'Speech'—is A Prank Of Parliament Poem by Emily Dickinson

'Speech'—is A Prank Of Parliament

Rating: 3.0


'Speech'—is a prank of Parliament—
'Tears'—is a trick of the nerve—
But the Heart with the heaviest freight on—
Doesn't—always—move —

Michael Pruchnicki 08 October 2009

Aside from the usual nit-picking by some of our more polished scribblers on this site, most readers managed to state the obvious, though a 'line's apparent absoluteness' (does he mean 'certainty'?) confuses this reader! Listen to any deliberative body (like the British Parliament or the United States Congress or the United Nations) and tell me if what these assembled members do in session is not like the engine of a freight train that starts slowly, chug by chug, building up a head of steam to propel the heavily loaded cars! Note how long it takes the speakers, some of whom love to hear the sound of their own voices, to begin to move an argument from A to B to C, etc. The drive wheels on the locomotive move almost imperceptibly at first. The dashes after 'Speech' and 'Tears' suggest that kind of slow motion common to both politicians and trains. Note that speeches do not always move the argument the way their makers intend. Sometimes even a strong appeal to the emotions (that 'trick of the nerve' mentioned in the second line) does not avail and the train sits motionless in the station. No matter the weight of the cargo, the gravity of the argument, nothing happens, and as speakers in the houses mentioned put it - the motion fails! Do not neglect to explore the metaphor Dickinson uses to illustrate what in the end is a very simple thought, but one expressed in a memorable fashion!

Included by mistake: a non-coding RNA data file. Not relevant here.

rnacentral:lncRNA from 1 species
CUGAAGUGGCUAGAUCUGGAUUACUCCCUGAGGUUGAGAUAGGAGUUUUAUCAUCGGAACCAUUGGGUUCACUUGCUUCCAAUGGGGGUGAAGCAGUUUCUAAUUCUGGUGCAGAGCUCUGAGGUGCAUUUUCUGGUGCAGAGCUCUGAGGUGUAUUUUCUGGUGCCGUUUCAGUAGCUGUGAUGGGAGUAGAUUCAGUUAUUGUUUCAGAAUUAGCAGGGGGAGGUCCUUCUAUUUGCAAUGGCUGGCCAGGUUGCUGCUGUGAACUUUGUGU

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Kevin Straw 08 October 2012

This does not make sense. True The heart etc.... But she admits it sometimes moves. And when it moves it must express itself with speech which is not a prank and tears which are not a trick of the nerve.

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Queeny Gona 08 October 2013

Amazing read. Speech isn't always a prank, Tears aren't always a trick, And sometimes A heavy heart sometimes moves on.....

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Ramesh T A 08 October 2010